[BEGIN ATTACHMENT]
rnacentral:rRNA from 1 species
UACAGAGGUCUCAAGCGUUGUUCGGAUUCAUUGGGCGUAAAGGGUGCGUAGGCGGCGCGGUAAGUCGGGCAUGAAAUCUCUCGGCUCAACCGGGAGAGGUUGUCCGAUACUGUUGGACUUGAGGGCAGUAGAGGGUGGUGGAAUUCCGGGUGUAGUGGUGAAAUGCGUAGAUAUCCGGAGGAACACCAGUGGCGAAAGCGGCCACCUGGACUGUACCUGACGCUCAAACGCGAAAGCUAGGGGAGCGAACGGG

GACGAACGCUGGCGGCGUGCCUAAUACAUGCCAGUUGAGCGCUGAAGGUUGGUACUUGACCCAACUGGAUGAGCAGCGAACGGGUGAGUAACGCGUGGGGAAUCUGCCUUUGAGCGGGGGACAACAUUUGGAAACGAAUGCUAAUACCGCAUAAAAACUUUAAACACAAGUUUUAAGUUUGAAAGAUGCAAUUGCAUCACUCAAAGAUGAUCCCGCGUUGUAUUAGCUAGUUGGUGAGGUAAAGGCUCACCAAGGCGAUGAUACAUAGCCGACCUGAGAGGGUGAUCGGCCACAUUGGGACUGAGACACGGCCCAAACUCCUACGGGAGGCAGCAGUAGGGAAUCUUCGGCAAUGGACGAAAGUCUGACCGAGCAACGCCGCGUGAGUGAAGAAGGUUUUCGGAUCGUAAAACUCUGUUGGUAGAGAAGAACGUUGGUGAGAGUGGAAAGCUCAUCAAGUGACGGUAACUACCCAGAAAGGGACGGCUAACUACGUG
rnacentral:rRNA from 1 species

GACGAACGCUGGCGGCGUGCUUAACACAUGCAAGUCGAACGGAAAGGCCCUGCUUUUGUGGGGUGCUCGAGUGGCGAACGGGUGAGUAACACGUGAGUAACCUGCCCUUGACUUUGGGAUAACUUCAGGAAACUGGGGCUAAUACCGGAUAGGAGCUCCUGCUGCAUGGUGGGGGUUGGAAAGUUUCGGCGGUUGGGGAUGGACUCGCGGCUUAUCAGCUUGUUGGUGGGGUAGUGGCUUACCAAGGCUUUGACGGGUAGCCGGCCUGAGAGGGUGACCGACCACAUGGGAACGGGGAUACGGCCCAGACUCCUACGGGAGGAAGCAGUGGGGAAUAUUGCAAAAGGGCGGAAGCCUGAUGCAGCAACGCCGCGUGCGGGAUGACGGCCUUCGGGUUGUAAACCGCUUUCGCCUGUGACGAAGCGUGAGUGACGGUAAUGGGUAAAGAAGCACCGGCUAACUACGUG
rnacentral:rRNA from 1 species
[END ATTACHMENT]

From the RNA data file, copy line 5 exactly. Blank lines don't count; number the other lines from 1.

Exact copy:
GACGAACGCUGGCGGCGUGCUUAACACAUGCAAGUCGAACGGAAAGGCCCUGCUUUUGUGGGGUGCUCGAGUGGCGAACGGGUGAGUAACACGUGAGUAACCUGCCCUUGACUUUGGGAUAACUUCAGGAAACUGGGGCUAAUACCGGAUAGGAGCUCCUGCUGCAUGGUGGGGGUUGGAAAGUUUCGGCGGUUGGGGAUGGACUCGCGGCUUAUCAGCUUGUUGGUGGGGUAGUGGCUUACCAAGGCUUUGACGGGUAGCCGGCCUGAGAGGGUGACCGACCACAUGGGAACGGGGAUACGGCCCAGACUCCUACGGGAGGAAGCAGUGGGGAAUAUUGCAAAAGGGCGGAAGCCUGAUGCAGCAACGCCGCGUGCGGGAUGACGGCCUUCGGGUUGUAAACCGCUUUCGCCUGUGACGAAGCGUGAGUGACGGUAAUGGGUAAAGAAGCACCGGCUAACUACGUG